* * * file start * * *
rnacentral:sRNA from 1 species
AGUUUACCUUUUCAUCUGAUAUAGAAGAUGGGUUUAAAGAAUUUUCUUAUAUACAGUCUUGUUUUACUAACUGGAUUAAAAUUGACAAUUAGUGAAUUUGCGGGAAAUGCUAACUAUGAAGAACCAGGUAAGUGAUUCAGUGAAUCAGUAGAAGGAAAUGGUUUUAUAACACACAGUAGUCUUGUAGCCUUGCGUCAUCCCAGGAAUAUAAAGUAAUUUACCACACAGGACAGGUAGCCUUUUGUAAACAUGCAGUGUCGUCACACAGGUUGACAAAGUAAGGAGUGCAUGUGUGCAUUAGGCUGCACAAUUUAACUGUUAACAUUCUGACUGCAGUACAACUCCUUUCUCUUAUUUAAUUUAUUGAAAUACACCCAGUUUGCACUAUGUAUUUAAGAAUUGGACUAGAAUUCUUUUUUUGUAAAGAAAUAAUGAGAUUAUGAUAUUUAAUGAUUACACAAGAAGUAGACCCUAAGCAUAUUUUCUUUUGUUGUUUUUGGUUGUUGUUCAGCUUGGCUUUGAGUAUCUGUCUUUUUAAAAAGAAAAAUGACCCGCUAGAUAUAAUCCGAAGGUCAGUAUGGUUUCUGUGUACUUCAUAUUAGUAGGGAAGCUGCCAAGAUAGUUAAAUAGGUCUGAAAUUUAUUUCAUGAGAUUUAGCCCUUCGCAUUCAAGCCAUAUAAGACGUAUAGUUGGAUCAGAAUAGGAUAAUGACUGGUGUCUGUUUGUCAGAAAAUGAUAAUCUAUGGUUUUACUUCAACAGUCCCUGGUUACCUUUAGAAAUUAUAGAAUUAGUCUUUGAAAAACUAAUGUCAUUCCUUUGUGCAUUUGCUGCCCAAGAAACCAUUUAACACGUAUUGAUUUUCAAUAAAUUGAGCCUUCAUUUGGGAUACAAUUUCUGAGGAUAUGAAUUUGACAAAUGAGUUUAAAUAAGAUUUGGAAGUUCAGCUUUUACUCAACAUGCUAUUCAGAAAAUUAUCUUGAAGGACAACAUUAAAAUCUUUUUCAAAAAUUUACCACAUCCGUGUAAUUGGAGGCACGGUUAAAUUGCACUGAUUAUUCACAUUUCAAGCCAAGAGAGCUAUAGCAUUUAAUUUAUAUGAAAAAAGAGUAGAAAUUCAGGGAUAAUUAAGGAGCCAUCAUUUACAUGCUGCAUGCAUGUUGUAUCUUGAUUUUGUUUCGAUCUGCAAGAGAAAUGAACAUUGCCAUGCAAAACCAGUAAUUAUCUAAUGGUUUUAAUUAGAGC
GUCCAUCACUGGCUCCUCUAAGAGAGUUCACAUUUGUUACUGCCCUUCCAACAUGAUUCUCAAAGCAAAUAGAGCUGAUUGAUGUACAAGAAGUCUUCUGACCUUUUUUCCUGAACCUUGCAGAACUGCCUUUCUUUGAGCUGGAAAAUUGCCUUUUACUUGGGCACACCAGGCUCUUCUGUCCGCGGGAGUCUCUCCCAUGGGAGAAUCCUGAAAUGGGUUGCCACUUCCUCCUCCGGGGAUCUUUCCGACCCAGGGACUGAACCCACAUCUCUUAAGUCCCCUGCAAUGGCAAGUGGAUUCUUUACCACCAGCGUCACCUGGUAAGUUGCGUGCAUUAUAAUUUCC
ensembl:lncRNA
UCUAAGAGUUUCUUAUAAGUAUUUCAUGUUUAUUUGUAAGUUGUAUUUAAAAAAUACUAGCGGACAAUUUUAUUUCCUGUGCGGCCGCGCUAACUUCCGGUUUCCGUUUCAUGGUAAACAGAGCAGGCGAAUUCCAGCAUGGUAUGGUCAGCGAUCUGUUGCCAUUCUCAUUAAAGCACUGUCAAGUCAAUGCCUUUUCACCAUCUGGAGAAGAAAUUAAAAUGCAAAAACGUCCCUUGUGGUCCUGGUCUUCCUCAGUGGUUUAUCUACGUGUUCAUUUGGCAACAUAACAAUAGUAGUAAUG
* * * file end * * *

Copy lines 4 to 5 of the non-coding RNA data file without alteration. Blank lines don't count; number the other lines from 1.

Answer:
ensembl:lncRNA
UCUAAGAGUUUCUUAUAAGUAUUUCAUGUUUAUUUGUAAGUUGUAUUUAAAAAAUACUAGCGGACAAUUUUAUUUCCUGUGCGGCCGCGCUAACUUCCGGUUUCCGUUUCAUGGUAAACAGAGCAGGCGAAUUCCAGCAUGGUAUGGUCAGCGAUCUGUUGCCAUUCUCAUUAAAGCACUGUCAAGUCAAUGCCUUUUCACCAUCUGGAGAAGAAAUUAAAAUGCAAAAACGUCCCUUGUGGUCCUGGUCUUCCUCAGUGGUUUAUCUACGUGUUCAUUUGGCAACAUAACAAUAGUAGUAAUG